BMW plans to expand Mini's product range in the United States in an effort to boost sales and keep dealers profitable as the brand's U.S. network expands to 120 stores, from 86.
After flying high for several years with record sales, Mini has stalled in 2010.
Mini's most daring new vehicle is the Countryman, due early next year. Executives hope the small four-door crossover will attract customers who want more interior room than Mini's cars currently offer.
Here are Mini's product plans for 2010-12.
Mini E: The electric vehicle is being tested with 450 lessees in New York, New Jersey and California. The test will continue until 2011. There are no current plans for volume production.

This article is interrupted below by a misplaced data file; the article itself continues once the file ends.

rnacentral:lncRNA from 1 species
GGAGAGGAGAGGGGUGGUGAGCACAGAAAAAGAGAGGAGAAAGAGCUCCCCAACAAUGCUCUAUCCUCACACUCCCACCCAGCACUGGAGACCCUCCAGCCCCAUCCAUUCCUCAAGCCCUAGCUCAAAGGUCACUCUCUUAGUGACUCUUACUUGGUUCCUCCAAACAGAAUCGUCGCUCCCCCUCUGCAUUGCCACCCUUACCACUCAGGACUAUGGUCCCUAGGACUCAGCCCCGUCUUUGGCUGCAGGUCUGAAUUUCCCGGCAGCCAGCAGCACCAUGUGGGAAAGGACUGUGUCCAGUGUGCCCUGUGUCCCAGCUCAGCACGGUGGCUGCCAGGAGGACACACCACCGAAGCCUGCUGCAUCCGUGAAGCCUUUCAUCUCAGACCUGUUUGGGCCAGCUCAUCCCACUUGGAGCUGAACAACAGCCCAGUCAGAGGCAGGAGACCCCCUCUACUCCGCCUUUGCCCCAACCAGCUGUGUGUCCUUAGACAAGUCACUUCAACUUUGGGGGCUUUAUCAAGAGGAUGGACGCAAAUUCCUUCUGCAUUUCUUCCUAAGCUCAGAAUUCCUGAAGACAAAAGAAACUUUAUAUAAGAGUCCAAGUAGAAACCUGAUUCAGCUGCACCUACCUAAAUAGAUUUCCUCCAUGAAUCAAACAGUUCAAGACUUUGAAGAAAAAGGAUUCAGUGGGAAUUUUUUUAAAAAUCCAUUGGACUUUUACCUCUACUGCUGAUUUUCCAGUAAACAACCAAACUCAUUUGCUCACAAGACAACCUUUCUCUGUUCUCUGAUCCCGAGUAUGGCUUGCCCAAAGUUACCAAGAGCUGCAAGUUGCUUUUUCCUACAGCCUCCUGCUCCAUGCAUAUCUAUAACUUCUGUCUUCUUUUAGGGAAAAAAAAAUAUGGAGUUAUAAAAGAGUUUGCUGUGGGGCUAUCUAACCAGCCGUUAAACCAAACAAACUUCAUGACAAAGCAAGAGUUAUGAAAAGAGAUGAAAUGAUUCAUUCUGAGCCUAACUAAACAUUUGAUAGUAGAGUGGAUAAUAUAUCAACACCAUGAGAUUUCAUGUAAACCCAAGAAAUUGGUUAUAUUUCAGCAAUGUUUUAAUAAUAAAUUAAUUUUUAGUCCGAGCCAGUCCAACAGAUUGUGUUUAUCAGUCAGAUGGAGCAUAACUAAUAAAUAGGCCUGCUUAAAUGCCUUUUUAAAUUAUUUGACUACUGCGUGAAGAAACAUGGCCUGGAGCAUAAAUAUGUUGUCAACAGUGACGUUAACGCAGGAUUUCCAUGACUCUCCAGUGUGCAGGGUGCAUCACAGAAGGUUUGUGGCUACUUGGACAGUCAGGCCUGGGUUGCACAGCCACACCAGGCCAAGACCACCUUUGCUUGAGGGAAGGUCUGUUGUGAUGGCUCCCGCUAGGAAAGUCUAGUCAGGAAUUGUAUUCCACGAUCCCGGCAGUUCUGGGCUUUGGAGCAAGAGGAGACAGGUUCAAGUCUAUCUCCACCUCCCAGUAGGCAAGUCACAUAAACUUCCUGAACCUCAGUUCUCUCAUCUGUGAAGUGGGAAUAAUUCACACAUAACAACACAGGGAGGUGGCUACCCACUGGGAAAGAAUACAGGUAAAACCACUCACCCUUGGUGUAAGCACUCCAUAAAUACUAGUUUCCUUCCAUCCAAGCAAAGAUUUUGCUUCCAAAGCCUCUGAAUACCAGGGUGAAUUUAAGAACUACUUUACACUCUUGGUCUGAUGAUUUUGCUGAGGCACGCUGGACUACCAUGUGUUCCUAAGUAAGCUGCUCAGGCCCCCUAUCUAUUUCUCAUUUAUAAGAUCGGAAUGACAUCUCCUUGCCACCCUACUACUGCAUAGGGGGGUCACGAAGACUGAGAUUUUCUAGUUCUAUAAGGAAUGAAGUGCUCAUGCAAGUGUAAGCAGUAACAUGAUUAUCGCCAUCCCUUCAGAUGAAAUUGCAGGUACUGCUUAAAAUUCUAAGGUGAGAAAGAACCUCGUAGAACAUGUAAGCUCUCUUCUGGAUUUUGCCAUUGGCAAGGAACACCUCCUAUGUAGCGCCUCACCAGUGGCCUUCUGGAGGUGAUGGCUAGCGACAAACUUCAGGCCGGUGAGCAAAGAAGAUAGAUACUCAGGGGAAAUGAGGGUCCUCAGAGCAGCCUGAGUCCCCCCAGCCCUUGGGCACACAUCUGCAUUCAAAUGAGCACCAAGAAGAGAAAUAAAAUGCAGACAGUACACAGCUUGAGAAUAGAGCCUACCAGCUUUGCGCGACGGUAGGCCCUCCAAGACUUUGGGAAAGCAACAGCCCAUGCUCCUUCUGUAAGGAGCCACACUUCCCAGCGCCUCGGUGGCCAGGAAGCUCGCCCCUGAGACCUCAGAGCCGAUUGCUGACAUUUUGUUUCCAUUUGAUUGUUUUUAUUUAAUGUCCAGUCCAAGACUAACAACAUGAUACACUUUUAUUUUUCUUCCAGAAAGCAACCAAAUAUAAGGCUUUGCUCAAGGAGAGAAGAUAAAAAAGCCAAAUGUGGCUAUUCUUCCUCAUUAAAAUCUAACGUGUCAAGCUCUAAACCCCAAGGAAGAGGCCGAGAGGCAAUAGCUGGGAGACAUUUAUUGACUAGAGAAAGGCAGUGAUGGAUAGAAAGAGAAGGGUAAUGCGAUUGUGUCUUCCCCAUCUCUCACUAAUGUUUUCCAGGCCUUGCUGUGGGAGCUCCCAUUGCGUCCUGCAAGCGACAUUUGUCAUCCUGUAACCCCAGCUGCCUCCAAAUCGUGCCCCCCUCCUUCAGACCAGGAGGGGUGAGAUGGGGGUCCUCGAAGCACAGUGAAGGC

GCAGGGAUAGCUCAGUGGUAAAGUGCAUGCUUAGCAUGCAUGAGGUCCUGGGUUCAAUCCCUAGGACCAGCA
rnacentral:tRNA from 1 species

Mini Cooper: A freshening is planned for the autumn. The third generation comes in 2014 using a new front-drive, four-wheel-drive architecture that Mini will share with a new range of entry-level BMWs.
Clubman: The three-door compact wagon may be restyled in 2012.
Countryman: Mini's first crossover goes on sale in the United States early in 2011. It is the brand's first four-door vehicle and has a raised seating position. U.S. pricing hasn't been announced, but in Europe the base price will be 20,200 euros, or about $26,000, when the car goes on sale there in September.
Roadster: A soft-top version of the coupe concept introduced at last year's Frankfurt auto show is planned for 2012.
Small coupe: Mini plans to add a two-seat coupe in late 2011 that is based on the coupe concept. The concept is based on the roadster but has a shorter wheelbase and no rear seat.
Entry-level car: Mini is considering an entry-level car that would be smaller than the Cooper and have a shorter wheelbase. The car, dubbed the Mini Mini or the Mini Minor, is being developed by BMW's Project i group, which is working on fuel-efficient city cars. If approved, the new car would compete with the Smart ForTwo.